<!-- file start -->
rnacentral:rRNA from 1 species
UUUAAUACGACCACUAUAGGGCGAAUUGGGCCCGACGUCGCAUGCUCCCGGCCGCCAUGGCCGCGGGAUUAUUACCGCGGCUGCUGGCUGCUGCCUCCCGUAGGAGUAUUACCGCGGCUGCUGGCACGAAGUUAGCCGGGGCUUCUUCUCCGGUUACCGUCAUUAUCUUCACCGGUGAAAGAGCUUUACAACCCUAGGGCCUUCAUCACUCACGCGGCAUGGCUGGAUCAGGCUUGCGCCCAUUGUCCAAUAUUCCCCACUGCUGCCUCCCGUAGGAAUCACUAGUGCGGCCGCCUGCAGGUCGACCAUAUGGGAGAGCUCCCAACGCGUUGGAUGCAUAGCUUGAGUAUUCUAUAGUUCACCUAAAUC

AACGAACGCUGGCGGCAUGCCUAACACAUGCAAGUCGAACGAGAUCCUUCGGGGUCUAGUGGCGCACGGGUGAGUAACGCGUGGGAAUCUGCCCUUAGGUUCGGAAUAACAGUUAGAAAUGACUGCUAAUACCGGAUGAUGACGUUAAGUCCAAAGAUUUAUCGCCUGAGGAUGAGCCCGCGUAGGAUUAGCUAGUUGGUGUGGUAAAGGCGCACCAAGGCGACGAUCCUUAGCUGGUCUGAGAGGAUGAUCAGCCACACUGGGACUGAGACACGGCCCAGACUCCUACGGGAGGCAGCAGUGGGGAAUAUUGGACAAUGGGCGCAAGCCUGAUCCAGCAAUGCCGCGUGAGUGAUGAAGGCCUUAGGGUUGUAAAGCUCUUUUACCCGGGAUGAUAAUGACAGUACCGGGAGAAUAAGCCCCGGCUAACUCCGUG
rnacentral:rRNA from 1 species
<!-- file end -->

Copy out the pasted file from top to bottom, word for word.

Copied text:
rnacentral:rRNA from 1 species
UUUAAUACGACCACUAUAGGGCGAAUUGGGCCCGACGUCGCAUGCUCCCGGCCGCCAUGGCCGCGGGAUUAUUACCGCGGCUGCUGGCUGCUGCCUCCCGUAGGAGUAUUACCGCGGCUGCUGGCACGAAGUUAGCCGGGGCUUCUUCUCCGGUUACCGUCAUUAUCUUCACCGGUGAAAGAGCUUUACAACCCUAGGGCCUUCAUCACUCACGCGGCAUGGCUGGAUCAGGCUUGCGCCCAUUGUCCAAUAUUCCCCACUGCUGCCUCCCGUAGGAAUCACUAGUGCGGCCGCCUGCAGGUCGACCAUAUGGGAGAGCUCCCAACGCGUUGGAUGCAUAGCUUGAGUAUUCUAUAGUUCACCUAAAUC

AACGAACGCUGGCGGCAUGCCUAACACAUGCAAGUCGAACGAGAUCCUUCGGGGUCUAGUGGCGCACGGGUGAGUAACGCGUGGGAAUCUGCCCUUAGGUUCGGAAUAACAGUUAGAAAUGACUGCUAAUACCGGAUGAUGACGUUAAGUCCAAAGAUUUAUCGCCUGAGGAUGAGCCCGCGUAGGAUUAGCUAGUUGGUGUGGUAAAGGCGCACCAAGGCGACGAUCCUUAGCUGGUCUGAGAGGAUGAUCAGCCACACUGGGACUGAGACACGGCCCAGACUCCUACGGGAGGCAGCAGUGGGGAAUAUUGGACAAUGGGCGCAAGCCUGAUCCAGCAAUGCCGCGUGAGUGAUGAAGGCCUUAGGGUUGUAAAGCUCUUUUACCCGGGAUGAUAAUGACAGUACCGGGAGAAUAAGCCCCGGCUAACUCCGUG
rnacentral:rRNA from 1 species